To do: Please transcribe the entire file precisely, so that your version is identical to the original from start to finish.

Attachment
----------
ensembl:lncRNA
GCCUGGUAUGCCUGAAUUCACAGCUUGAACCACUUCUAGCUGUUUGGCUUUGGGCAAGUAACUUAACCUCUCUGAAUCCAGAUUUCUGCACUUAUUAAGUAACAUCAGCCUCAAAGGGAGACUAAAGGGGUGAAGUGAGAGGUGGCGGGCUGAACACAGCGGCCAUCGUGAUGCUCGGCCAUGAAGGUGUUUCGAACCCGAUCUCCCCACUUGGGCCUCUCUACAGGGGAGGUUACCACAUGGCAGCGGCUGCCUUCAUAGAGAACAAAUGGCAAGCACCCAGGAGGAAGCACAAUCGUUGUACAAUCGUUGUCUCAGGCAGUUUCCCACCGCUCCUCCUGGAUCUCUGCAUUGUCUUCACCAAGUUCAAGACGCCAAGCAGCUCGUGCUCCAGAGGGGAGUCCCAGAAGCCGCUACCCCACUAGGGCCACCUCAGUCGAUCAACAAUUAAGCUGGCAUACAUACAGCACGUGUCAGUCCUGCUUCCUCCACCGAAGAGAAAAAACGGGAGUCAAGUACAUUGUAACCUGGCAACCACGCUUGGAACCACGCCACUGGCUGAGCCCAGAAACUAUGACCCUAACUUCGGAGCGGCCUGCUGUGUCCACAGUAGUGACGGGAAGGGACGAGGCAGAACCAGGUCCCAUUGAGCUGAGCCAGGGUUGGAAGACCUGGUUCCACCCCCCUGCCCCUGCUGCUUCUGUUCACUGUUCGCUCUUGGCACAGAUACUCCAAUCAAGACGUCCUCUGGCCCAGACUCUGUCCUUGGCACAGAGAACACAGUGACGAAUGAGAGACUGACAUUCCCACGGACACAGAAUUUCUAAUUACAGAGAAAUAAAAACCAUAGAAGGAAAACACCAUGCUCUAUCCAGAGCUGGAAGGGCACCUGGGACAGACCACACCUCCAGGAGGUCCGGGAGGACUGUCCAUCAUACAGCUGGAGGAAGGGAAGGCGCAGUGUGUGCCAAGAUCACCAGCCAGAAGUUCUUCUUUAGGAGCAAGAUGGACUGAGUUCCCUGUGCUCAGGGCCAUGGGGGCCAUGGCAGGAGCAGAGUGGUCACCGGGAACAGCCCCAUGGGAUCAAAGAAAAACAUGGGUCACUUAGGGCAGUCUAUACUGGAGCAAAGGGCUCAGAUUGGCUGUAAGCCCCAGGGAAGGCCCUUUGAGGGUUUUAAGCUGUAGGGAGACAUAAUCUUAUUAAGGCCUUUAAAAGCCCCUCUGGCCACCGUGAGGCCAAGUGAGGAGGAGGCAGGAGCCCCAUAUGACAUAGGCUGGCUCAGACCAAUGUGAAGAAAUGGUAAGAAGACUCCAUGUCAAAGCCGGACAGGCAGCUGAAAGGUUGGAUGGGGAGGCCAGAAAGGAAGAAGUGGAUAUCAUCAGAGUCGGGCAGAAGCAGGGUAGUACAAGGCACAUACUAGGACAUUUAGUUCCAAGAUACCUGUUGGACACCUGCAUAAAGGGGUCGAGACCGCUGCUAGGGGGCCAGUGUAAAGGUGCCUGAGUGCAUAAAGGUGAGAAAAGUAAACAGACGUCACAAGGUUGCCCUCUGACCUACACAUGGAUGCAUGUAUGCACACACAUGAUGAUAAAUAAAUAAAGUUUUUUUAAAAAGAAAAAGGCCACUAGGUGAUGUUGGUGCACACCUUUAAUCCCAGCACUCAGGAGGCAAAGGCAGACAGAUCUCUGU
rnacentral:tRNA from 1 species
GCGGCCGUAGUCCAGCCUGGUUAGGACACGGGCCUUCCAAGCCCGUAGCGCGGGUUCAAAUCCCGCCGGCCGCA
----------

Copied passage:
ensembl:lncRNA
GCCUGGUAUGCCUGAAUUCACAGCUUGAACCACUUCUAGCUGUUUGGCUUUGGGCAAGUAACUUAACCUCUCUGAAUCCAGAUUUCUGCACUUAUUAAGUAACAUCAGCCUCAAAGGGAGACUAAAGGGGUGAAGUGAGAGGUGGCGGGCUGAACACAGCGGCCAUCGUGAUGCUCGGCCAUGAAGGUGUUUCGAACCCGAUCUCCCCACUUGGGCCUCUCUACAGGGGAGGUUACCACAUGGCAGCGGCUGCCUUCAUAGAGAACAAAUGGCAAGCACCCAGGAGGAAGCACAAUCGUUGUACAAUCGUUGUCUCAGGCAGUUUCCCACCGCUCCUCCUGGAUCUCUGCAUUGUCUUCACCAAGUUCAAGACGCCAAGCAGCUCGUGCUCCAGAGGGGAGUCCCAGAAGCCGCUACCCCACUAGGGCCACCUCAGUCGAUCAACAAUUAAGCUGGCAUACAUACAGCACGUGUCAGUCCUGCUUCCUCCACCGAAGAGAAAAAACGGGAGUCAAGUACAUUGUAACCUGGCAACCACGCUUGGAACCACGCCACUGGCUGAGCCCAGAAACUAUGACCCUAACUUCGGAGCGGCCUGCUGUGUCCACAGUAGUGACGGGAAGGGACGAGGCAGAACCAGGUCCCAUUGAGCUGAGCCAGGGUUGGAAGACCUGGUUCCACCCCCCUGCCCCUGCUGCUUCUGUUCACUGUUCGCUCUUGGCACAGAUACUCCAAUCAAGACGUCCUCUGGCCCAGACUCUGUCCUUGGCACAGAGAACACAGUGACGAAUGAGAGACUGACAUUCCCACGGACACAGAAUUUCUAAUUACAGAGAAAUAAAAACCAUAGAAGGAAAACACCAUGCUCUAUCCAGAGCUGGAAGGGCACCUGGGACAGACCACACCUCCAGGAGGUCCGGGAGGACUGUCCAUCAUACAGCUGGAGGAAGGGAAGGCGCAGUGUGUGCCAAGAUCACCAGCCAGAAGUUCUUCUUUAGGAGCAAGAUGGACUGAGUUCCCUGUGCUCAGGGCCAUGGGGGCCAUGGCAGGAGCAGAGUGGUCACCGGGAACAGCCCCAUGGGAUCAAAGAAAAACAUGGGUCACUUAGGGCAGUCUAUACUGGAGCAAAGGGCUCAGAUUGGCUGUAAGCCCCAGGGAAGGCCCUUUGAGGGUUUUAAGCUGUAGGGAGACAUAAUCUUAUUAAGGCCUUUAAAAGCCCCUCUGGCCACCGUGAGGCCAAGUGAGGAGGAGGCAGGAGCCCCAUAUGACAUAGGCUGGCUCAGACCAAUGUGAAGAAAUGGUAAGAAGACUCCAUGUCAAAGCCGGACAGGCAGCUGAAAGGUUGGAUGGGGAGGCCAGAAAGGAAGAAGUGGAUAUCAUCAGAGUCGGGCAGAAGCAGGGUAGUACAAGGCACAUACUAGGACAUUUAGUUCCAAGAUACCUGUUGGACACCUGCAUAAAGGGGUCGAGACCGCUGCUAGGGGGCCAGUGUAAAGGUGCCUGAGUGCAUAAAGGUGAGAAAAGUAAACAGACGUCACAAGGUUGCCCUCUGACCUACACAUGGAUGCAUGUAUGCACACACAUGAUGAUAAAUAAAUAAAGUUUUUUUAAAAAGAAAAAGGCCACUAGGUGAUGUUGGUGCACACCUUUAAUCCCAGCACUCAGGAGGCAAAGGCAGACAGAUCUCUGU
rnacentral:tRNA from 1 species
GCGGCCGUAGUCCAGCCUGGUUAGGACACGGGCCUUCCAAGCCCGUAGCGCGGGUUCAAAUCCCGCCGGCCGCA